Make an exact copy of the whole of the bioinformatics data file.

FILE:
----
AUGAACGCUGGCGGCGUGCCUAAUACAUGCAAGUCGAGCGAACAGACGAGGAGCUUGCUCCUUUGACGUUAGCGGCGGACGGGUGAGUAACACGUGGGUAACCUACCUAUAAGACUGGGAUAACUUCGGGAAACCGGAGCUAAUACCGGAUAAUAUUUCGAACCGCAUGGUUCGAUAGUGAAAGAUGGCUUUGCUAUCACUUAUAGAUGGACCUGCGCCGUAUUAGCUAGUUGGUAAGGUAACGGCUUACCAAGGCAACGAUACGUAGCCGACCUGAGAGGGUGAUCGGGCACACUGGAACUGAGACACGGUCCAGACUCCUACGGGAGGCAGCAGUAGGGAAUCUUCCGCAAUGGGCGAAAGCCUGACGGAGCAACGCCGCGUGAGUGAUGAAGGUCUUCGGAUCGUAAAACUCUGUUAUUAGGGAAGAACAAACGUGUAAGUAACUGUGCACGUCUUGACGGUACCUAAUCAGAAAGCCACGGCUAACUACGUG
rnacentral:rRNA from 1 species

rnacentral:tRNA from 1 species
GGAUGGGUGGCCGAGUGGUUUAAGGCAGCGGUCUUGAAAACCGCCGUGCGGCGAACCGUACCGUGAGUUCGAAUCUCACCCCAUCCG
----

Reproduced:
AUGAACGCUGGCGGCGUGCCUAAUACAUGCAAGUCGAGCGAACAGACGAGGAGCUUGCUCCUUUGACGUUAGCGGCGGACGGGUGAGUAACACGUGGGUAACCUACCUAUAAGACUGGGAUAACUUCGGGAAACCGGAGCUAAUACCGGAUAAUAUUUCGAACCGCAUGGUUCGAUAGUGAAAGAUGGCUUUGCUAUCACUUAUAGAUGGACCUGCGCCGUAUUAGCUAGUUGGUAAGGUAACGGCUUACCAAGGCAACGAUACGUAGCCGACCUGAGAGGGUGAUCGGGCACACUGGAACUGAGACACGGUCCAGACUCCUACGGGAGGCAGCAGUAGGGAAUCUUCCGCAAUGGGCGAAAGCCUGACGGAGCAACGCCGCGUGAGUGAUGAAGGUCUUCGGAUCGUAAAACUCUGUUAUUAGGGAAGAACAAACGUGUAAGUAACUGUGCACGUCUUGACGGUACCUAAUCAGAAAGCCACGGCUAACUACGUG
rnacentral:rRNA from 1 species

rnacentral:tRNA from 1 species
GGAUGGGUGGCCGAGUGGUUUAAGGCAGCGGUCUUGAAAACCGCCGUGCGGCGAACCGUACCGUGAGUUCGAAUCUCACCCCAUCCG